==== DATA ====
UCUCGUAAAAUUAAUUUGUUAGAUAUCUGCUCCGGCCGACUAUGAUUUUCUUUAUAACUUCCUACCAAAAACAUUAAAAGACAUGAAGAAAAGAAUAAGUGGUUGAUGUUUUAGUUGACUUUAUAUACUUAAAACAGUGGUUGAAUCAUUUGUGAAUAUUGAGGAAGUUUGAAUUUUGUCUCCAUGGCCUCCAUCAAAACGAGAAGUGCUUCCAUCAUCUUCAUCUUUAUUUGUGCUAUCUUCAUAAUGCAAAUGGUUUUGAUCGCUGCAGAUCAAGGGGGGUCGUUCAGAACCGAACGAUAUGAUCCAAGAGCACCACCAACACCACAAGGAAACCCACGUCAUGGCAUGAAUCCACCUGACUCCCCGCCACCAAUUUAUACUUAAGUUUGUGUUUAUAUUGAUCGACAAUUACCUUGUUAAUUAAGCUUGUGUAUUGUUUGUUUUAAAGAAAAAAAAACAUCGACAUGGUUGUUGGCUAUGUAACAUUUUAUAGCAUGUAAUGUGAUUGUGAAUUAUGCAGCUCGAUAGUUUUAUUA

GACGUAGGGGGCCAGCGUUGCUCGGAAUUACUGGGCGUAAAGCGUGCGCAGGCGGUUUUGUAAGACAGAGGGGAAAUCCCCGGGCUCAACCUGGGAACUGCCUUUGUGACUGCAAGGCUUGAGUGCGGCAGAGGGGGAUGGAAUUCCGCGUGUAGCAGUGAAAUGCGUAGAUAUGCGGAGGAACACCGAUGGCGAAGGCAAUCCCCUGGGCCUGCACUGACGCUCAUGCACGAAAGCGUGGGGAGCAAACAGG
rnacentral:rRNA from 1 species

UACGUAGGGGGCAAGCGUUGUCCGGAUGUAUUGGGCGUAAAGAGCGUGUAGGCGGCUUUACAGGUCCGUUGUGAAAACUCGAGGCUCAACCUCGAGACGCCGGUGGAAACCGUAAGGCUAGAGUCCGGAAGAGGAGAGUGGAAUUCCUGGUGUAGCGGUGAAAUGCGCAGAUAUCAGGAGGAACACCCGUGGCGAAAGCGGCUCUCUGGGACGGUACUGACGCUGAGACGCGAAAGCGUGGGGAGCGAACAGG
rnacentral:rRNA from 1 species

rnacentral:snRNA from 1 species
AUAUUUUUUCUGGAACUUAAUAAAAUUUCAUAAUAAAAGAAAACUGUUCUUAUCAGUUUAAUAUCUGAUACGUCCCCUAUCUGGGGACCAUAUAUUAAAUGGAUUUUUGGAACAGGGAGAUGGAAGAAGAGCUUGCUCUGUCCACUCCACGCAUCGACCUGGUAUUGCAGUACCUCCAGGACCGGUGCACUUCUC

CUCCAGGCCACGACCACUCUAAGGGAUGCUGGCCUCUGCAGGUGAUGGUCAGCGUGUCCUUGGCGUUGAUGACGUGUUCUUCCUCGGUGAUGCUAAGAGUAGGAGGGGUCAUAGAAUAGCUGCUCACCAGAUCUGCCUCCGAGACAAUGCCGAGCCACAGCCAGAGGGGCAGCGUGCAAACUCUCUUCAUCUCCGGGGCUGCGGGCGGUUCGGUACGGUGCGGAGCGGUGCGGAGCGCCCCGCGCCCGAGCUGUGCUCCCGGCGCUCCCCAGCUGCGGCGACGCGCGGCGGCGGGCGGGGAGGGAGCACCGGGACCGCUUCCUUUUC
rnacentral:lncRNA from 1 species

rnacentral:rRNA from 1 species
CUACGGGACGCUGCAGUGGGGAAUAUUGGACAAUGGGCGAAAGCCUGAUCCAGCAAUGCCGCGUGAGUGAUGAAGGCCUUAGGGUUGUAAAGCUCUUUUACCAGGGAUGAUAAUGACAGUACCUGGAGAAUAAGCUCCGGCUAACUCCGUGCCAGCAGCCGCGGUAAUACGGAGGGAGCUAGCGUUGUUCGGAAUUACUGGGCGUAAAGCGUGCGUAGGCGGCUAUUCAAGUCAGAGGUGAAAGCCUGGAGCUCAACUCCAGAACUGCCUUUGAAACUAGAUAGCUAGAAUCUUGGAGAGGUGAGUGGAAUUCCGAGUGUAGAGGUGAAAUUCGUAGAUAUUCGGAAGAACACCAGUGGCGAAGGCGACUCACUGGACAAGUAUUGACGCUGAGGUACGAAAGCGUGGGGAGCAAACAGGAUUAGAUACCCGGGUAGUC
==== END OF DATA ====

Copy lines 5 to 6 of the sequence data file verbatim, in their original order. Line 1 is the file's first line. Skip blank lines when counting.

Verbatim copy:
rnacentral:rRNA from 1 species

rnacentral:snRNA from 1 species